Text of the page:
The Center for Sales Strategy Blog

Selection in the Time of the Great Resignation

Selection in the Time of the Great Resignation

Finding talented salespeople has never been easy.

Finding naturally talented salespeople has always been more difficult than finding successful sellers. Far too often, we confuse success with talent. We go after the big name at the big competitor who has some big sales numbers. Experienced salespeople tend to have bad habits that follow them.

We default to looking and hiring experienced salespeople over inexperienced talented salespeople because it's easier.

Challenges of the Great Resignation

Over the last year, I've seen sales leaders struggle with the uncertainty of a pandemic, and now they are facing the dilemma of the Great Resignation.

One survey by According to PricewaterhouseCoopers found that 65% of employees said they were looking for a new job. Potentially 65% of your employees are considering leaving your company for another.

So, if you haven’t dealt with the consequences of the Great Resignation, chances are you will be, so you better be ready to recruit and select the best possible candidates for your team. The key to success in selecting the best candidates for your sales team often depends on the selection process that you have implemented with your sales managers.

Why Salespeople Are Quitting After 90 Days — And How To Prevent It

Building A Selection Process

One of my clients, Bonneville Bay Area, has faced the Great Resignation head-on by being proactive in setting up a hiring hierarchy and delegating certain aspects of the selection process to various managers on the team.

In 2021, several of their markets experienced unexpected turnover, often due to people reacting to the pandemic and deciding to make life changes. As a result, the number of open sales positions was much larger than traditionally for this organization.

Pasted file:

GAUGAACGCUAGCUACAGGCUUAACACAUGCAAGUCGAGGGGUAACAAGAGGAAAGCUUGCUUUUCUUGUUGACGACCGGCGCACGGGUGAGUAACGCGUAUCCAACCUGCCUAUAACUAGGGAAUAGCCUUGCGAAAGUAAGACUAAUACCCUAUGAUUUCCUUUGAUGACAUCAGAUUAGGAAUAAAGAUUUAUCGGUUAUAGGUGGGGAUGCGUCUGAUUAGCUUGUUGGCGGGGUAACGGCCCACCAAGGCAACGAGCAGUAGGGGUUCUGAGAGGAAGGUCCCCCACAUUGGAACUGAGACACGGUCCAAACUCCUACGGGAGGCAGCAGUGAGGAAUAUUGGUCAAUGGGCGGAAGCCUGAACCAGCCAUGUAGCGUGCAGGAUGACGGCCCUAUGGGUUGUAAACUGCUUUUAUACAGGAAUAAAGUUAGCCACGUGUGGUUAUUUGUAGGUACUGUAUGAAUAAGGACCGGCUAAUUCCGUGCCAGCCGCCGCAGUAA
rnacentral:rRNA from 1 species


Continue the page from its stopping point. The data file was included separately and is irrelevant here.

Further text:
With so many open positions and facing an already difficult employment market for companies, they decided that they needed to create a selection process that was designed to spread responsibilities and activities over the entire management team while also relying on the team for the decision-making process.

  • First, they selected a Talent Team leader.

The talent team leader was responsible for leading the process and owning the recruitment and selection of new salespeople. “It’s important to assign ownership to the recruitment of talent for an organization. It’s easy for all the sales managers to get “busy,” and it falls through the cracks. By selecting a lead, it helps us stay on track”, said Steve Dinardo, DOS at Bonneville Bay Area.

  • Next, each sales manager is assigned the task of adding at least one candidate to the Talent Bank.

This helps fill the funnel for the talent bank and gives the team options as they are reviewing STA’s and selecting the best talent and fit for the role and organization. They also began subscribing to LinkedIn Recruiter to help increase the number of candidates that they can add to their talent bank.

  • Then, determine a good fit.

After all of the candidates take the sales talent assessment, the manager that found the individual is tasked with interviewing the candidate to find out if this person is a good fit for the culture, sales role, and job specification that they need to fill this sales position. If the candidate passes that test, then they interview with the Director of Sales and another manager to ensure a consensus of managers agree before an offer is made.

Conclusion

This detailed selection process allows the organization to find the best talent and best fit for the specific sales role they are looking to hire.

Though the process does take a little bit longer to implement, they’ve seen the number of candidates in their talent bank has grown, and the talent level has increased greatly.

2022 Talent Magazine Now Available Download Now

*This article originally appeared in the 2022 Talent Magazine

Topics: recruitment sales talent selection